Stuart Hogg was offered ‘six-figure contract’ to come out of retirement - Ruck

Stuart Hogg was offered ‘six-figure contract’ to come out of retirement

Stuart Hogg stunned everyone last month when he announced his unexpected decision to retire from the world of rugby union.

He spoke of a profound sadness as he said his goodbyes to the sport that has been the cornerstone of his life.

This revelation caught many off guard, especially considering that the Scottish rugby icon had originally intended to conclude his career after this year’s highly anticipated 2023 Rugby World Cup.

Nevertheless, sources with insider knowledge from RUCK have hinted at various alluring opportunities still within Hogg’s reach, with a potential venture to Japan being one of them.

Despite a substantial ‘six-figure offer’ hovering around the half-million mark for a single season, Hogg wrestled with a tough decision, ultimately prioritising the well-being of his family and declining the potentially lucrative deal.

However, it’s worth noting that he has since secured a respectable contract with TNT Sports for the upcoming rugby season, covering both the Premiership and the Champions Cup.

The retirement of Hogg signifies the culmination of a remarkable era for this exceptionally skilled athlete, leaving an indelible impression on the tapestry of rugby.

Joining Exeter Chiefs from Glasgow Warriors in 2019, Hogg’s tenure was marked by exceptional performances and leadership qualities that earned him immense respect within the rugby fraternity.

Throughout his career, he accumulated an impressive tally of 100 Scotland caps, cementing his status as one of the nation’s finest players.

Additionally, Hogg experienced the pinnacle of international rugby, touring three times with the revered British and Irish Lions.

In an emotional statement, Hogg expressed the immense determination he possessed to represent his country at the Rugby World Cup.

“He has been an outstanding player for Scotland and has had a career lit up with so many achievements, highlights and special memories,” Scotland head coach Gregor Townsend said.

“I have had the pleasure of coaching Stuart for the majority of his career and he was a joy to work with and watch on the training field and in games. His basic skills and speed set him apart from other players and it has been an amazing effort to play Test rugby for the past 11 years.

“To reach 100 caps this year was fitting and just reward for a career that has seen him represent the British and Irish Lions and win trophies both domestically and at a European level.

“We respect his decision to step away now and understand the stresses and challenges his body has gone through in recent seasons.”

“Time to go home,” – Stuart Hogg has new job already after quitting rugby aged 31

New career:

Hogg said in a statement: “A new career beckons and I will attack in the same manner as I play the game.”

The Scotland legend has revealed he isn’t too keen on coaching, but will remain in the game as a pundit after making his debut on BBC during the 2023 Six Nations.


Sources tell RUCK that BT Sport (soon to be TNT Sports) are keen. to recruit the fullback as a key part of their 2023/24 Premiership coverage.


He is the co-owner of steak house Finsbay Flatiron in Glasgow.

The focus for Finsbay Flatiron is steak, specialising in 8oz flat irons (as the name suggests) and steaks from £8 on weekdays and £10 on weekends, as well as sides like mac and cheese and triple cooked chips.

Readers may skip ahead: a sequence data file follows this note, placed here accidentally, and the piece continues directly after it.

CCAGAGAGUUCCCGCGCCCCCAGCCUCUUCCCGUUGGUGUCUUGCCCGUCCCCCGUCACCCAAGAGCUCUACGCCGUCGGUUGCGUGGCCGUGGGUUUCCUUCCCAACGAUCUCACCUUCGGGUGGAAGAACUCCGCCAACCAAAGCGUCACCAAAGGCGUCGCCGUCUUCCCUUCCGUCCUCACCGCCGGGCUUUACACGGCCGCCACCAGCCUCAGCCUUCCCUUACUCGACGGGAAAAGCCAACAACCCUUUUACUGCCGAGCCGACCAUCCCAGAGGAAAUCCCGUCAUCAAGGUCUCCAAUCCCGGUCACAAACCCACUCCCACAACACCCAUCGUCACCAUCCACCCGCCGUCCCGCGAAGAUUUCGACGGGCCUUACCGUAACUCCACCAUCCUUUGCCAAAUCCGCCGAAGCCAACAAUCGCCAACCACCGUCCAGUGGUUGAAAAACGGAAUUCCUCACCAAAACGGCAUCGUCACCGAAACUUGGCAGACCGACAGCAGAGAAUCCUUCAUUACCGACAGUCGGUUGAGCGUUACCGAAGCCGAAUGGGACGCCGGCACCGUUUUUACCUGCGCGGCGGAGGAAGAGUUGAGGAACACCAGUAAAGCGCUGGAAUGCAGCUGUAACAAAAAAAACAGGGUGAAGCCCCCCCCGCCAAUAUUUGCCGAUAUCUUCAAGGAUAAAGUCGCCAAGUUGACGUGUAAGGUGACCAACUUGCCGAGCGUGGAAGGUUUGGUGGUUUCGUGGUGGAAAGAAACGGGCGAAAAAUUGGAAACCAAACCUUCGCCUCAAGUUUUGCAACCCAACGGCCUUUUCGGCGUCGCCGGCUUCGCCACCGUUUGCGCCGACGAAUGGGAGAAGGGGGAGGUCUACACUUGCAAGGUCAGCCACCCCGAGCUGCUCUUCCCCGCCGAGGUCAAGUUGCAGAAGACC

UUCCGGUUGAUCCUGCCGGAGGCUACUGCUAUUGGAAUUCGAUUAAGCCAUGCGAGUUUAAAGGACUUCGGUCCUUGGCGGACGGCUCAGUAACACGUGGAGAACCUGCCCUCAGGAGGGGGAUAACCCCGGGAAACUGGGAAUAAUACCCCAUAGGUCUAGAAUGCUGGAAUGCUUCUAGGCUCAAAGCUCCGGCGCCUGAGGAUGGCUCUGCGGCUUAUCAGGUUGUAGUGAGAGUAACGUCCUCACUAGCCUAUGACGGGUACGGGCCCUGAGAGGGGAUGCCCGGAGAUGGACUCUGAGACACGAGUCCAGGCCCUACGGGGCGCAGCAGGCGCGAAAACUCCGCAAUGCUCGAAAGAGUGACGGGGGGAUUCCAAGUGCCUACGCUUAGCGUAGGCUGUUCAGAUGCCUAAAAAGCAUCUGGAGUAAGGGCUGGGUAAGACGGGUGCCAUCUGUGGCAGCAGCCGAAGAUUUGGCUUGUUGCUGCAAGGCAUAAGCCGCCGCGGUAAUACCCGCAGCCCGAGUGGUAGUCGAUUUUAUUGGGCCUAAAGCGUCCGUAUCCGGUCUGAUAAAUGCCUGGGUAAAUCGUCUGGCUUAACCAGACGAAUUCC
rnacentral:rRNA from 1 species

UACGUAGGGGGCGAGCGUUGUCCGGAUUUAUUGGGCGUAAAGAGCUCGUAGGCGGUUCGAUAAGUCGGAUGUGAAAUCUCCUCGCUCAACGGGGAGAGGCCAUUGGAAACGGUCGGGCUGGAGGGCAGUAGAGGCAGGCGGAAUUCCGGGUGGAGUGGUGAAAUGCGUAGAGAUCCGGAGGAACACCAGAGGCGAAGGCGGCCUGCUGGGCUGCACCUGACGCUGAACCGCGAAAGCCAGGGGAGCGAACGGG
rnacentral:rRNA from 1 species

Away from rugby, Hogg has a number of passions. In 2018, he linked up with Scottish business Johnstons of Elgin, maker of cashmere knitwear and fine woollens, to bring out a range of his own jumpers, zips and hoodies. It is where his dad John worked for many years, and the company is based in his hometown Hawick. “I’m passionate about wearing local garments and it’s great to have an opportunity to have my own range.”


He is also a big horseracing fan, having once revealed his sporting hero is AP McCoy, who was champion jockey for a record 20 consecutive times. “My passion for horses has endured, though, and when you think of horse racing you think of AP McCoy,” he once told the BBC. “I just loved AP, he was the only jockey who always wore the same colours, the green and yellow stripes with the white hat. It soon became apparent that was AP McCoy, and he was the big dog.”


He’s a director of a distillery named Maiden Batch.

Caulker’s is a collaborative effort between five Glasgow men, two of whom happen to be British Lions and Scotland rugby internationals, Hogg and Alastair Kellock. The bottle is signed by all five.

Other rugby players now making it big in business after smart investments

With the time in elite sport forever shortening, rugby players would be smart to look to the future and invest in businesses too, like these current and ex-pros

When they’re not smashing each other on the pitch, rugby players with one eye on the future could do worse than taking steps into the world of business.

If they’re lucky, professionals might enjoy careers lasting about 15 years in the sport – and taking up a job as a coach or media pundit after retirement isn’t for everyone.

No sector has been left unturned by players from across all levels of the game in their investments as they seek to set themselves up for life and regain focus after hanging up their boots.

Here’s some of the most prominent rugby players to have made waves in business.

Jack Nowell

The England and Exeter Chiefs winger is the co-owner of The Swordfish Inn back in his hometown of Cornwall.

Sitting on the harbourfront, the pub has been a favourite of local fishermen, artists and visitors alike for as long as anyone cares to remember and is well-known for its rugged charm and atmosphere.

He is also a director of MUSTARD Clothing.